“Innovative” action needed in support of the Sahel: UN chief
Failing to act in support of countries across the Sahel region and to tackle “the root causes of instability” could have serious consequences, the UN chief said on Monday.
Secretary-General António Guterres was briefing the Security Council which is looking at ways of shoring up the so-called G5 Sahel force, set up by Burkina Faso, Chad, Mali, Mauritania and Niger.
The French-backed force will eventually consist of around 5,000 troops and is designed to operate alongside UN peacekeepers to counter the threat of violent extremism across the region.
The UN chief said “time was against us” and that the creation of the force, announced in July, demonstrated the will of the G5 countries to cooperate and take on the threat together.
More details on the Secretary-General’s briefing, from UN Spokesperson Stéphane Dujarric.
"We have the opportunity to support them and to reverse the course of events, he said. He said the strong political will of the G5 Sahel, as well as material and operational support are critical. However, he added that while security cooperation is essential, only a multidimensional response will put an end to instability in the region. Together, he said, we need to strengthen our action on governance, development and resilience.”
According to news reports, the United States on Monday pledged up to US$60 million to help support the G5 force counter-terrorism efforts.
Up to 250,000 children in DRC’s Kasai region “could starve” says WFP chief
Up to 250,000 children could starve in the violence-wracked Kasais region of the Democratic Republic of the Congo, said the head of the World Food Programme (WFP) on Monday.
David Beasley spoke to reporters after finishing a four-day mission to the central African country, warning that around 3.2 million people in the Kasais were severely food insecure, with thousands displaced by fighting between armed groups.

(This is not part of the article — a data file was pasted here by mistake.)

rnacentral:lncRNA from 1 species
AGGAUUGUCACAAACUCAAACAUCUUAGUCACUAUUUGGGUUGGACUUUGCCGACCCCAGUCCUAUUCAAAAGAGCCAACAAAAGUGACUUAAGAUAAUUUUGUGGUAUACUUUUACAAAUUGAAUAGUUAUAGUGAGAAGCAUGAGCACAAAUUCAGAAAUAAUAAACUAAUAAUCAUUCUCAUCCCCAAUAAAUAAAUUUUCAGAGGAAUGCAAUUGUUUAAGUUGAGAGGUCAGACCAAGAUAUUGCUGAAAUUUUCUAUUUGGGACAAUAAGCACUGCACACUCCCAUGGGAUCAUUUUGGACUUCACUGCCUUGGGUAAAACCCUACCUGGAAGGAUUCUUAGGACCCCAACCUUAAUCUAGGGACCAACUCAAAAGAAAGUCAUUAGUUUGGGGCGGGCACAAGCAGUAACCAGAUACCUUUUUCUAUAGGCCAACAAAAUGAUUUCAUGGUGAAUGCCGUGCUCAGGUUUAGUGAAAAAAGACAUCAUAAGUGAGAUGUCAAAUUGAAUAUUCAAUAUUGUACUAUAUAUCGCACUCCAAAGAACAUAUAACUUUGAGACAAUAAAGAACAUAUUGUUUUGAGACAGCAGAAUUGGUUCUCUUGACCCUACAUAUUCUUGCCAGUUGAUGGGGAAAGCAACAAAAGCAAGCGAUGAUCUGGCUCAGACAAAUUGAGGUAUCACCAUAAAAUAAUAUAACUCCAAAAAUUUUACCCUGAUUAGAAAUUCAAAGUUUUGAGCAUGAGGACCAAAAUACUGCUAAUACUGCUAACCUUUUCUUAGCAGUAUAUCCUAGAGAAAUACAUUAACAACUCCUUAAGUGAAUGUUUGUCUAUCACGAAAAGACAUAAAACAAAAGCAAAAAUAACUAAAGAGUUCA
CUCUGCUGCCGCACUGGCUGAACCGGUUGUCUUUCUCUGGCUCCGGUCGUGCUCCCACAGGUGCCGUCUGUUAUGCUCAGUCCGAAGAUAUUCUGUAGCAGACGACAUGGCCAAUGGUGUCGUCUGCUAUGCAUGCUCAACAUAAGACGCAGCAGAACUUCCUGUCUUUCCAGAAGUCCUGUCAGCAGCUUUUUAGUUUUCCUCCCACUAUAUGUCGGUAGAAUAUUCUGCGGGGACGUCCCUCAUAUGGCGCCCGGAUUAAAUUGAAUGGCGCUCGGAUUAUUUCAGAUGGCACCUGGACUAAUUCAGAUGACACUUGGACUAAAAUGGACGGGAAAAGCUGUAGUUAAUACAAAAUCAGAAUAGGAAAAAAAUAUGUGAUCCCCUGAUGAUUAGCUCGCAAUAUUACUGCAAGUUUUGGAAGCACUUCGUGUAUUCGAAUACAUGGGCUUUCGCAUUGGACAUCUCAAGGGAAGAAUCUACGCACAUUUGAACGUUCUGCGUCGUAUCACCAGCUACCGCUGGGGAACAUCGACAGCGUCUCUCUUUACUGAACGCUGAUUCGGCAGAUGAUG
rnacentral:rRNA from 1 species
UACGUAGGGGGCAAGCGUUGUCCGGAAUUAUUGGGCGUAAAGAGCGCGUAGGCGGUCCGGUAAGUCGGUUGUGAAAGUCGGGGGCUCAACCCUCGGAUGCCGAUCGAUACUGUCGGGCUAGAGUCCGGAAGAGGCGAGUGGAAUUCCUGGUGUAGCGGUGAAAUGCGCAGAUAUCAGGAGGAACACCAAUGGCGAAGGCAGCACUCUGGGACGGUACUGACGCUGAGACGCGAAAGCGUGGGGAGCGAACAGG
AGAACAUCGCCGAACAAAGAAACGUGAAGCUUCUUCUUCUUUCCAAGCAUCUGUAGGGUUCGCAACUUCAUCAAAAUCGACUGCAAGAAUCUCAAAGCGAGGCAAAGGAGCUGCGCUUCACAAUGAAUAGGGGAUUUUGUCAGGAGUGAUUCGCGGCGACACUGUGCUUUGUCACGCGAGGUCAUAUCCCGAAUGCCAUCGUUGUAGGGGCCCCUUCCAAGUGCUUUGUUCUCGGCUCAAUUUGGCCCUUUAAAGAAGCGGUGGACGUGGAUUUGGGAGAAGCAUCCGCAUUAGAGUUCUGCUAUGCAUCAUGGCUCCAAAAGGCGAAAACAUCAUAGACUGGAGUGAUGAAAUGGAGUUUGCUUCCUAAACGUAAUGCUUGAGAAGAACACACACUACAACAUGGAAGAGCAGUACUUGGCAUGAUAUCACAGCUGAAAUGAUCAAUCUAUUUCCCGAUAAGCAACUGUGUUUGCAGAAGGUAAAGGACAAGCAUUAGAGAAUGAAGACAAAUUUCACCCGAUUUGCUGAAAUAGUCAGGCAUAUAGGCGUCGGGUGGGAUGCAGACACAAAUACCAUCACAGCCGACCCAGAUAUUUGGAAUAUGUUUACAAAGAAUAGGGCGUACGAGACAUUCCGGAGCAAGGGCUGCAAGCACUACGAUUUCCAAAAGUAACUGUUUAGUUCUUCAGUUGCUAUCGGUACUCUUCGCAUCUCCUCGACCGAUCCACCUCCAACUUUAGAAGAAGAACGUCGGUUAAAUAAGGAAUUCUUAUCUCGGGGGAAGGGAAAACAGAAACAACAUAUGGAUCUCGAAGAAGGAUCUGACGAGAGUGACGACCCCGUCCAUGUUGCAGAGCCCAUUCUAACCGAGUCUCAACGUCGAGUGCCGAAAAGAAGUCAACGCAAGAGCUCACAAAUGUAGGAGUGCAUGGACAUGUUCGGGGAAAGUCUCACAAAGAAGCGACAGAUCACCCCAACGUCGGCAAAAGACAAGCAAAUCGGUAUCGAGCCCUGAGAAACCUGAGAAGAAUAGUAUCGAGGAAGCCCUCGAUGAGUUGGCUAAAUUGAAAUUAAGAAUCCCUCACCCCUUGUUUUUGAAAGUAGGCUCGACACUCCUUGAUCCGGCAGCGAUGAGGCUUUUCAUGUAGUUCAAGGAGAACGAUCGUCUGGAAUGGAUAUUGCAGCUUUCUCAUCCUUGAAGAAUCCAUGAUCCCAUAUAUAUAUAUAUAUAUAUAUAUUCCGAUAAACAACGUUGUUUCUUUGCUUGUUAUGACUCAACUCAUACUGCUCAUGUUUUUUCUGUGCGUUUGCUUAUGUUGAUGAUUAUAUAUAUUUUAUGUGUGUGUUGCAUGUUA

WFP is ramping up emergency aid to the area, planning to reach around 500,000 of the most vulnerable by the end of the year.
Only one per cent of the US$135 million required to fund WFP’s operation into next year has been secured from international donations.
Mr Beasley said that much of the civilian population depends on subsistence farming, with competition for land often lying at the root of violent clashes.
Displaced families just wanted to go home, he said, and for many who had done so, the lingering threat of violence was preventing them from working the fields.
He said he’d met too many women and children “whose lives had been reduced to a desperate struggle for survival”.
“If we address it effectively I do believe by ending the conflict there immediately, addressing the hunger needs – what should be on a short-term basis – this area will stabilize and it will save lives and save millions of very precious dollars.”
UN Mission in Iraq condemns killing of journalist and intimidation of Kurds
The Mission also spoke out against intimidation and violence carried out against members of the Parliament of the Kurdistan Region of Iraq, and political offices in the Kurdistan Region.
Following a Kurdish referendum vote last month, deemed unconstitutional by authorities in Baghdad, the Iraqi army took back control of oil fields and territory around Kirkuk.
More details on UNAMI’s statement, from Stéphane Dujarric again.
“The mission said that it appreciates the appeal by the Kurdistan Regional Government and Kurdistan Region Security Council for calm, as well as the Iraqi Government’s calls for de-escalation and compliance with the law. UNAMI also takes note of the Iraq federal authorities’ decision to ban some broadcasts in the Kurdistan Region, adding that, at times of crisis, a free media becomes even more essential to safeguard the public interest and protect democracy …Aid workers are closely monitoring the situation after the Government of Iraq unilaterally declared a temporary suspension of military operations over the weekend.”
Matt Wells, United Nations.